Type your postcode into the search bar to find your nearest class: 
Find a class near me 

Love Learning Languages  

Find a class near me. Type your postcode 
2020 and 2021 have both been difficult years, that saw very few people getting to travel and go on holiday as we did before. Trying to teach children foreign languages from home, without the opportunity to take them to the birthplace of their target language, can make learning about the culture and language acquisition quite difficult. But don’t worry, here we have listed 10 fun and easy ways to bring a foreign culture into your home, which will not only help with language learning for children (and grown ups!), but also with broadening your child’s horizons and understanding of the world! 
1: Read books set in your target country 
This is a fab way to familiarise your child with the country’s culture, how people dress, eat, worship, etc. A great example of this is ‘The Adventures of Tintin’ illustrated series of books by Belgian author Hergé, which are available in their original French and have been translated into English as well as many other languages, meaning they are great for bilingual learning for older children. Although many are set in fictitious locations, these brilliant stories see Tintin go on adventures in amazing locations such as: Switzerland, the United Kingdom, the United States, the Soviet Union, Belgian Congo, Peru, India, Egypt, Morocco, Indonesia, Nepal, Tibet, and even China! The charming and beloved cartoon style illustration helps children get a glimpse of what other parts of the world look like, making these stories perfect escapism for long car rides or bedtime.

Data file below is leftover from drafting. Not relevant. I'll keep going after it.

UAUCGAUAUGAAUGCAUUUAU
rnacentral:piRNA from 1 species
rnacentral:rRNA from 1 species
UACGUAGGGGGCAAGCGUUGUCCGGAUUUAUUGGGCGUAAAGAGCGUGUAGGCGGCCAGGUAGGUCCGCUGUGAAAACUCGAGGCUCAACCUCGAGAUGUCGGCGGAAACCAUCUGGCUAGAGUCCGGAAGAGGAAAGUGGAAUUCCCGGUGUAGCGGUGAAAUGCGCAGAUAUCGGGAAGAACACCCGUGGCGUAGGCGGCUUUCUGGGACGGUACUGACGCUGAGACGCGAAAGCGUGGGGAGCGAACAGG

2: Read books in a foreign language 
Bilingual books are a brilliant way to gently ease your child into language learning, familiarising them with another language by using stories and words they already know in English! These books are special in that they have both languages (let’s say English and French, for example) on the same page so that learning is simultaneous and not taxing for young readers. They are also very easy to incorporate into the daily routine – try a bilingual bedtime story! We love these bilingual books for kids by One Third Stories.